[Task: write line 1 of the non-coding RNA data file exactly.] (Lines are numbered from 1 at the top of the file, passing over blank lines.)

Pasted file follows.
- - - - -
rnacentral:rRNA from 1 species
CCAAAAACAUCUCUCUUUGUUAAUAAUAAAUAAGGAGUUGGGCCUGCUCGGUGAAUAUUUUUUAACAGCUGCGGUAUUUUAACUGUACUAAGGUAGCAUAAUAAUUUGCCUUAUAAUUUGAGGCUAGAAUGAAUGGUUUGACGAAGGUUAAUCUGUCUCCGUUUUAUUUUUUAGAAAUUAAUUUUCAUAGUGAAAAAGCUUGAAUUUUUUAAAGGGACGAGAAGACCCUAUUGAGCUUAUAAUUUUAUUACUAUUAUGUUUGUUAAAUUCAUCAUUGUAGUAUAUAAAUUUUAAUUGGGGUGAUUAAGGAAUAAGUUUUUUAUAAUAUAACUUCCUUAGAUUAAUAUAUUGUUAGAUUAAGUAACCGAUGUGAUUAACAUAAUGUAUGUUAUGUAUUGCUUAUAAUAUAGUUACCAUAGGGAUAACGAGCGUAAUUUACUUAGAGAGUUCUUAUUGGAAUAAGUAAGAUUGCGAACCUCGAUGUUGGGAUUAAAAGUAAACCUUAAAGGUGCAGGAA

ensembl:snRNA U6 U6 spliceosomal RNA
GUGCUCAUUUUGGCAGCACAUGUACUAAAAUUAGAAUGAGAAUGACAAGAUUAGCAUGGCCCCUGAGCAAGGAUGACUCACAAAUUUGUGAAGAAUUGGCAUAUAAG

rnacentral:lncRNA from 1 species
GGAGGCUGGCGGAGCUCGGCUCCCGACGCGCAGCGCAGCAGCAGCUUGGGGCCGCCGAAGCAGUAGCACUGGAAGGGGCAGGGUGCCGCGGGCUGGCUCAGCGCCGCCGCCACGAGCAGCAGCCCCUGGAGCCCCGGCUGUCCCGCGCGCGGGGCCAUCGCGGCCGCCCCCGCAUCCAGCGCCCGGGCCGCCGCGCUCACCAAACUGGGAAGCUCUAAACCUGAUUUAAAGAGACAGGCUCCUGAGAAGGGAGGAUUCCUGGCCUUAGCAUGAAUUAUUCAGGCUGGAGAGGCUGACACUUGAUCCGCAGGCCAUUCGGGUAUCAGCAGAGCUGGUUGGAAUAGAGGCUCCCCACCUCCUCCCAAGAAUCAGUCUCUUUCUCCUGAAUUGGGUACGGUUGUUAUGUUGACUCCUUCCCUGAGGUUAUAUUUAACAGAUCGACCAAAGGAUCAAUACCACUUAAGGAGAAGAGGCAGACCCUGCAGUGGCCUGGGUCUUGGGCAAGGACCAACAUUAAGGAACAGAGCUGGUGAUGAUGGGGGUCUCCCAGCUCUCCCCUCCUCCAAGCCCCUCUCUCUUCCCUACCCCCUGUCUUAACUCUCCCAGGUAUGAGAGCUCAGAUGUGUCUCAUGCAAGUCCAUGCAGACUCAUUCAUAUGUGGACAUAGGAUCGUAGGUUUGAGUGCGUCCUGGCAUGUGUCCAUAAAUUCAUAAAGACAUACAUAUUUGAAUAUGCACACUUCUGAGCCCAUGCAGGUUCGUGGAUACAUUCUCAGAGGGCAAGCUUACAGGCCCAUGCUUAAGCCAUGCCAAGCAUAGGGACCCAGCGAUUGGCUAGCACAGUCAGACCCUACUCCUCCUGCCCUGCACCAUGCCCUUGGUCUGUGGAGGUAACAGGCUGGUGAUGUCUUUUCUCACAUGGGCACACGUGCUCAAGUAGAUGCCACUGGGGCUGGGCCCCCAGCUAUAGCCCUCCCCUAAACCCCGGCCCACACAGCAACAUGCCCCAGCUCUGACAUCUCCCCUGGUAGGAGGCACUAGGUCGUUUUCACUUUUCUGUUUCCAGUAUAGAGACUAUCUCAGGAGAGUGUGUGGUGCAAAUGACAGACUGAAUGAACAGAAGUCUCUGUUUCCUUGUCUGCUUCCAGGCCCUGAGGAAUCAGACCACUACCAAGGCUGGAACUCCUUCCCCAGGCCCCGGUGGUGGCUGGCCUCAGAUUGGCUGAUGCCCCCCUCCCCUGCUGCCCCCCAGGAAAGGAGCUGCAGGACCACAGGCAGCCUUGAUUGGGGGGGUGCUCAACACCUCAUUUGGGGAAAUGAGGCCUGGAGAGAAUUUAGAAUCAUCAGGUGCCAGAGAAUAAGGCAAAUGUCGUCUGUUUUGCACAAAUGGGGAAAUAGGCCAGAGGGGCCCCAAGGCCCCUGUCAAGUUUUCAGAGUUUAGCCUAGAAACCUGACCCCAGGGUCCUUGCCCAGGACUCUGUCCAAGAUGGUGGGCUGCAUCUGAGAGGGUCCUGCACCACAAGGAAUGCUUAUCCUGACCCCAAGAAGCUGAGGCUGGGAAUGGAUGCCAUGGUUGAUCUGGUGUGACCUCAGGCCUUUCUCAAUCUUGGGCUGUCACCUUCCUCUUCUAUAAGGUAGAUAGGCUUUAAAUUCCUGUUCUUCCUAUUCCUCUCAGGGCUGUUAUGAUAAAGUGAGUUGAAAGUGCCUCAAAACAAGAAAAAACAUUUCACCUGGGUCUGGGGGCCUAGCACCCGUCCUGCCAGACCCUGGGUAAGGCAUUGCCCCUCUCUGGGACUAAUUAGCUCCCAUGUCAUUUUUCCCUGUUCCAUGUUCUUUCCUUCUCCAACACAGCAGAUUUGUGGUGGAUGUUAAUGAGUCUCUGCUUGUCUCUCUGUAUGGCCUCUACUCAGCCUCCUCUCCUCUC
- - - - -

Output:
rnacentral:rRNA from 1 species